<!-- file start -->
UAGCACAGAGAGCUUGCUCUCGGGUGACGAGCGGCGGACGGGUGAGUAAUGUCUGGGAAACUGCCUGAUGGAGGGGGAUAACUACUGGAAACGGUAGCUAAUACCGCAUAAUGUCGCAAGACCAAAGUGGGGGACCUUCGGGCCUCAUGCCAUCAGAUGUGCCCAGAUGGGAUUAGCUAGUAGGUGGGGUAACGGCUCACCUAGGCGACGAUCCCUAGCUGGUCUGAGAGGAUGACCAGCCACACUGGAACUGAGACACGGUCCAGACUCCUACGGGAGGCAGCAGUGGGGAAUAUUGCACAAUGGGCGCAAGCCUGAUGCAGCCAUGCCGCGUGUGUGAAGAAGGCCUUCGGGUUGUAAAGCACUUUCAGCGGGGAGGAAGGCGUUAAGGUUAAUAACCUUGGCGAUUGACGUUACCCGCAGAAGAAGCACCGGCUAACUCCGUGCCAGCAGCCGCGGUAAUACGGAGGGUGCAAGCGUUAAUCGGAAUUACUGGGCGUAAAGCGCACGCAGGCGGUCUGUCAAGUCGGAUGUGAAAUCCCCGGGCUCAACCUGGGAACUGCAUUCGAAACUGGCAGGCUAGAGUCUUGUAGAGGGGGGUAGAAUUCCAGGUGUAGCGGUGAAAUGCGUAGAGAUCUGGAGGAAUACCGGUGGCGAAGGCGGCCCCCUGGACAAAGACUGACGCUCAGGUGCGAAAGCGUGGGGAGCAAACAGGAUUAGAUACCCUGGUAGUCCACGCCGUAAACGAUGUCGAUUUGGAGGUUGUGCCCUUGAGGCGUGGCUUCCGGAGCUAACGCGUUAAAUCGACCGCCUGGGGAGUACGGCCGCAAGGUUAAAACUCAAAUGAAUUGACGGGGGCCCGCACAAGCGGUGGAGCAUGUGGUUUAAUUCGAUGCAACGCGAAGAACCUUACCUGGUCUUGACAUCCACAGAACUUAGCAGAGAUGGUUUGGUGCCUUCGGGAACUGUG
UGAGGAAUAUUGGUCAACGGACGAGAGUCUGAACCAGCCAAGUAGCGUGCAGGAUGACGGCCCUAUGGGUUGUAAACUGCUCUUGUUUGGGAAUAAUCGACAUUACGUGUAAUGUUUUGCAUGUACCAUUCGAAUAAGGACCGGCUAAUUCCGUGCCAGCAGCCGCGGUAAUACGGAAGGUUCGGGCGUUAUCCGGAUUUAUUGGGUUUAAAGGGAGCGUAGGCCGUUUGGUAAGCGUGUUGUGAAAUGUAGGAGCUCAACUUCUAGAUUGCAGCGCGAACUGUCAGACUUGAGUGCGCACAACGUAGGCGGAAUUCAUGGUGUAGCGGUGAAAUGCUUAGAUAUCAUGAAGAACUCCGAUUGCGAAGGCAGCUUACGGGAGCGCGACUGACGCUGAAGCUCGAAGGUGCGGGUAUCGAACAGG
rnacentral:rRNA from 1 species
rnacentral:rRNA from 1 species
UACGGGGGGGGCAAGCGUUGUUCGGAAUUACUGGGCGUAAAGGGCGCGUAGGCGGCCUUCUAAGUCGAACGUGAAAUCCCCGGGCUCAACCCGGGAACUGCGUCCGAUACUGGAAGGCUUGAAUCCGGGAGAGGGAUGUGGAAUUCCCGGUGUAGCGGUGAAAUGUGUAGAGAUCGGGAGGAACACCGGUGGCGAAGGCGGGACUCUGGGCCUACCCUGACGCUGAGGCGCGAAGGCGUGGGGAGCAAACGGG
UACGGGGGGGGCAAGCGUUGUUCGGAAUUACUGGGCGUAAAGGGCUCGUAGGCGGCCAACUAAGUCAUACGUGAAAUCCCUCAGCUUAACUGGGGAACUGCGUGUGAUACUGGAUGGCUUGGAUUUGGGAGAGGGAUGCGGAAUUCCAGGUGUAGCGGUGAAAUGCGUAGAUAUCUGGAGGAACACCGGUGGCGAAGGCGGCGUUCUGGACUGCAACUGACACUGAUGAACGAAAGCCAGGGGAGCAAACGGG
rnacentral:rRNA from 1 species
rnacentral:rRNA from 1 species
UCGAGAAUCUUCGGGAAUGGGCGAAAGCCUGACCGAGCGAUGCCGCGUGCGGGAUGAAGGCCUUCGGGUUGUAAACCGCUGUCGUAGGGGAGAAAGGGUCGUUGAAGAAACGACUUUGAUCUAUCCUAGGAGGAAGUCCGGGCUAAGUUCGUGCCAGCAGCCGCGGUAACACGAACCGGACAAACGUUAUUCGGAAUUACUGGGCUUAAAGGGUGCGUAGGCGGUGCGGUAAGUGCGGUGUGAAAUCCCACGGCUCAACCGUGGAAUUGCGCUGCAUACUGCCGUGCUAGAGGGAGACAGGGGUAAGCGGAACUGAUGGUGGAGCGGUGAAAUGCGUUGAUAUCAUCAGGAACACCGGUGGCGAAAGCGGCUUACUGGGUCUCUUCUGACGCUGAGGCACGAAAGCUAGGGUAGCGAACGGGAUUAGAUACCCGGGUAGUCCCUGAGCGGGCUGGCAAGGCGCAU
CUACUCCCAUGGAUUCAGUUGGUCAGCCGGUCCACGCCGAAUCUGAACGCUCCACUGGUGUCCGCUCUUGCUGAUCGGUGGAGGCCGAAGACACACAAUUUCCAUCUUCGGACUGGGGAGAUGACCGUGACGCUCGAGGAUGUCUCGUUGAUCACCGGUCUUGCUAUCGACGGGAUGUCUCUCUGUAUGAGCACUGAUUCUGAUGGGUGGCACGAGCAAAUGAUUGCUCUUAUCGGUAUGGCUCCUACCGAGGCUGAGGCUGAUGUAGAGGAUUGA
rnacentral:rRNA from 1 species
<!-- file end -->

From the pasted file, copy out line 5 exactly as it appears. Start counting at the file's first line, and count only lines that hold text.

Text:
UACGGGGGGGGCAAGCGUUGUUCGGAAUUACUGGGCGUAAAGGGCGCGUAGGCGGCCUUCUAAGUCGAACGUGAAAUCCCCGGGCUCAACCCGGGAACUGCGUCCGAUACUGGAAGGCUUGAAUCCGGGAGAGGGAUGUGGAAUUCCCGGUGUAGCGGUGAAAUGUGUAGAGAUCGGGAGGAACACCGGUGGCGAAGGCGGGACUCUGGGCCUACCCUGACGCUGAGGCGCGAAGGCGUGGGGAGCAAACGGG